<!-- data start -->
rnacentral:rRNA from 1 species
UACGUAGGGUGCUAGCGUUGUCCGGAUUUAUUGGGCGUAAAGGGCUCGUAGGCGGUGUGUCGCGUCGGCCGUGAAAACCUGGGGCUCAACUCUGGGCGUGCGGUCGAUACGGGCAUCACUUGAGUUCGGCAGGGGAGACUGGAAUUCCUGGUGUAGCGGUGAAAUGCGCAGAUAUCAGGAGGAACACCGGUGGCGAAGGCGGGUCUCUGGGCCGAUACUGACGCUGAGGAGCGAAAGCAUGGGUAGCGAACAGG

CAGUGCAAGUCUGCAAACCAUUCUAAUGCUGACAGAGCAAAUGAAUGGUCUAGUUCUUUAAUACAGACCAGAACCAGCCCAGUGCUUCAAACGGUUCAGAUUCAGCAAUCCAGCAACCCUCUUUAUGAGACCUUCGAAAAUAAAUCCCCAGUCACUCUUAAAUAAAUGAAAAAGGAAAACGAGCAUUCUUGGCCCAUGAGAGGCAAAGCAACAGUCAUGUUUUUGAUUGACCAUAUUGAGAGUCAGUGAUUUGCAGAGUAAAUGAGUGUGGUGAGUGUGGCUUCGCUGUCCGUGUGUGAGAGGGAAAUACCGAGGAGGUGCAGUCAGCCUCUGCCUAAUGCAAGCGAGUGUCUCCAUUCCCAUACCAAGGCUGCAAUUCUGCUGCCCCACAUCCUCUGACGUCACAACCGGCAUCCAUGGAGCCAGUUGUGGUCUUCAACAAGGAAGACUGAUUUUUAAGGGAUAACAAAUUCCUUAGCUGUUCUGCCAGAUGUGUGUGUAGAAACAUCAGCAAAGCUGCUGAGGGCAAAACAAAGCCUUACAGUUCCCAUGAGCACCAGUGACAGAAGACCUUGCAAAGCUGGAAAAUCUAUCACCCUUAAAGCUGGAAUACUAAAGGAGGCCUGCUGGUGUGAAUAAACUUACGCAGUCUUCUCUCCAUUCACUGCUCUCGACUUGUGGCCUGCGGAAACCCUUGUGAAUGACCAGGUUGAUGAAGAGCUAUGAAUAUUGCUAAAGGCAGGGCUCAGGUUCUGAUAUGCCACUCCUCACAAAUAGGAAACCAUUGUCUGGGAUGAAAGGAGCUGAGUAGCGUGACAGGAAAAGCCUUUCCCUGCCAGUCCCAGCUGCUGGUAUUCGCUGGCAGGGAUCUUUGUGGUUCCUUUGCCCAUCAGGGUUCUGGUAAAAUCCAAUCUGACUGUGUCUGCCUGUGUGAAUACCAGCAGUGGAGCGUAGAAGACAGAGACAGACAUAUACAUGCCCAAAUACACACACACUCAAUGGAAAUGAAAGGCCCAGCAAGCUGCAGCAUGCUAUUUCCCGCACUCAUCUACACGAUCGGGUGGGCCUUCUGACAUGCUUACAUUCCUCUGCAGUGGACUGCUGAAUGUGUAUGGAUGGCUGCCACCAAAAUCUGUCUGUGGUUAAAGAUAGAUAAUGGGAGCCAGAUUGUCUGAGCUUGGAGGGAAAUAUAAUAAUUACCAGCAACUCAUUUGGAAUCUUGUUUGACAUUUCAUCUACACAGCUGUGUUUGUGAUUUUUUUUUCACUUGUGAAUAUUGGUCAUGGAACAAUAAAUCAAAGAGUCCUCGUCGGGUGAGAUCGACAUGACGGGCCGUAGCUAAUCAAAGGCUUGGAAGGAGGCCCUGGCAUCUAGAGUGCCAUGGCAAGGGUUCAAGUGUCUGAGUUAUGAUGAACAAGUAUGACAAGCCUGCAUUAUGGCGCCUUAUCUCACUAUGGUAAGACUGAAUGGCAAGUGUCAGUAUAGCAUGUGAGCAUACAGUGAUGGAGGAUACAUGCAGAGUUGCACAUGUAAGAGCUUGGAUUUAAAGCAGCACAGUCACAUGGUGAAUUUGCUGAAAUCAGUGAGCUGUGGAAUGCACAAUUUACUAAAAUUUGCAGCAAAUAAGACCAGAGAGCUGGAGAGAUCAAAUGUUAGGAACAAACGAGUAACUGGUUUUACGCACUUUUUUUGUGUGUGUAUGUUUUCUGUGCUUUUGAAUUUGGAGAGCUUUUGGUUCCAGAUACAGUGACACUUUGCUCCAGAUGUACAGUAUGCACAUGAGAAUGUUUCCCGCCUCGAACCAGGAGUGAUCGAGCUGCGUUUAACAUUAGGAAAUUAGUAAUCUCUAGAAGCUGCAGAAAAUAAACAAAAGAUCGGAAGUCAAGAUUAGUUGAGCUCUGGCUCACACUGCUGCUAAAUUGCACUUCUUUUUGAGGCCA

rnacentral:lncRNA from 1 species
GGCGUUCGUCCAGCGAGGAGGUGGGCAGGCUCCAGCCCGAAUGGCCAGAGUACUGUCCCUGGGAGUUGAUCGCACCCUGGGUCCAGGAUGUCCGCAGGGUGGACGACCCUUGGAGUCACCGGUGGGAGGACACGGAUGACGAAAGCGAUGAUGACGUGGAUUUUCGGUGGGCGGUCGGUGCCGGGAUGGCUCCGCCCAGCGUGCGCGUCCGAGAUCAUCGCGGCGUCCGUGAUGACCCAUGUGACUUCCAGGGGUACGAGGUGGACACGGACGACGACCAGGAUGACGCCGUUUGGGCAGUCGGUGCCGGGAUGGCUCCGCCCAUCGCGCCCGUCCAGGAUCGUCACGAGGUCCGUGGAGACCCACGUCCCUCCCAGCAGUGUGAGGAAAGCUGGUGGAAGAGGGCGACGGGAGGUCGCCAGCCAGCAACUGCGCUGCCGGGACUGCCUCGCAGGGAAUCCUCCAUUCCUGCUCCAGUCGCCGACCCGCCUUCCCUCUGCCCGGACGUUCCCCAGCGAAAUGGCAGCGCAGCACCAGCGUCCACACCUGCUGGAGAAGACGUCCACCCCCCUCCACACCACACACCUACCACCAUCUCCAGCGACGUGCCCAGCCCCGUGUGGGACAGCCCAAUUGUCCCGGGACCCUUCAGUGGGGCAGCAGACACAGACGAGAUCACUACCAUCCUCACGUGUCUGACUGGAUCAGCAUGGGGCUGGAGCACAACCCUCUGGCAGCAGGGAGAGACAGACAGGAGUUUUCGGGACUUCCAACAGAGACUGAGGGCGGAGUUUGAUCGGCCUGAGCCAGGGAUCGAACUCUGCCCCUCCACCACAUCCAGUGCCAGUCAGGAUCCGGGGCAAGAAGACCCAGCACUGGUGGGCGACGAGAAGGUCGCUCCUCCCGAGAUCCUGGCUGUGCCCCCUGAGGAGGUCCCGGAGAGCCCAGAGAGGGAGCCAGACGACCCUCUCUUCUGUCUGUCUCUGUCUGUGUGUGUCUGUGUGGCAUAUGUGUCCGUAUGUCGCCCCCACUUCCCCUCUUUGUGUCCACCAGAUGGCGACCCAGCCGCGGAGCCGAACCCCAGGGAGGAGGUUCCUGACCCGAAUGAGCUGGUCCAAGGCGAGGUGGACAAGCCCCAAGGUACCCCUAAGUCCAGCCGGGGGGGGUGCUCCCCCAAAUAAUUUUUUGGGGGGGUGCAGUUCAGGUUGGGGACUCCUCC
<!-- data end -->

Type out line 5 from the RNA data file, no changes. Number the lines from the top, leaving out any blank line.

GGCGUUCGUCCAGCGAGGAGGUGGGCAGGCUCCAGCCCGAAUGGCCAGAGUACUGUCCCUGGGAGUUGAUCGCACCCUGGGUCCAGGAUGUCCGCAGGGUGGACGACCCUUGGAGUCACCGGUGGGAGGACACGGAUGACGAAAGCGAUGAUGACGUGGAUUUUCGGUGGGCGGUCGGUGCCGGGAUGGCUCCGCCCAGCGUGCGCGUCCGAGAUCAUCGCGGCGUCCGUGAUGACCCAUGUGACUUCCAGGGGUACGAGGUGGACACGGACGACGACCAGGAUGACGCCGUUUGGGCAGUCGGUGCCGGGAUGGCUCCGCCCAUCGCGCCCGUCCAGGAUCGUCACGAGGUCCGUGGAGACCCACGUCCCUCCCAGCAGUGUGAGGAAAGCUGGUGGAAGAGGGCGACGGGAGGUCGCCAGCCAGCAACUGCGCUGCCGGGACUGCCUCGCAGGGAAUCCUCCAUUCCUGCUCCAGUCGCCGACCCGCCUUCCCUCUGCCCGGACGUUCCCCAGCGAAAUGGCAGCGCAGCACCAGCGUCCACACCUGCUGGAGAAGACGUCCACCCCCCUCCACACCACACACCUACCACCAUCUCCAGCGACGUGCCCAGCCCCGUGUGGGACAGCCCAAUUGUCCCGGGACCCUUCAGUGGGGCAGCAGACACAGACGAGAUCACUACCAUCCUCACGUGUCUGACUGGAUCAGCAUGGGGCUGGAGCACAACCCUCUGGCAGCAGGGAGAGACAGACAGGAGUUUUCGGGACUUCCAACAGAGACUGAGGGCGGAGUUUGAUCGGCCUGAGCCAGGGAUCGAACUCUGCCCCUCCACCACAUCCAGUGCCAGUCAGGAUCCGGGGCAAGAAGACCCAGCACUGGUGGGCGACGAGAAGGUCGCUCCUCCCGAGAUCCUGGCUGUGCCCCCUGAGGAGGUCCCGGAGAGCCCAGAGAGGGAGCCAGACGACCCUCUCUUCUGUCUGUCUCUGUCUGUGUGUGUCUGUGUGGCAUAUGUGUCCGUAUGUCGCCCCCACUUCCCCUCUUUGUGUCCACCAGAUGGCGACCCAGCCGCGGAGCCGAACCCCAGGGAGGAGGUUCCUGACCCGAAUGAGCUGGUCCAAGGCGAGGUGGACAAGCCCCAAGGUACCCCUAAGUCCAGCCGGGGGGGGUGCUCCCCCAAAUAAUUUUUUGGGGGGGUGCAGUUCAGGUUGGGGACUCCUCC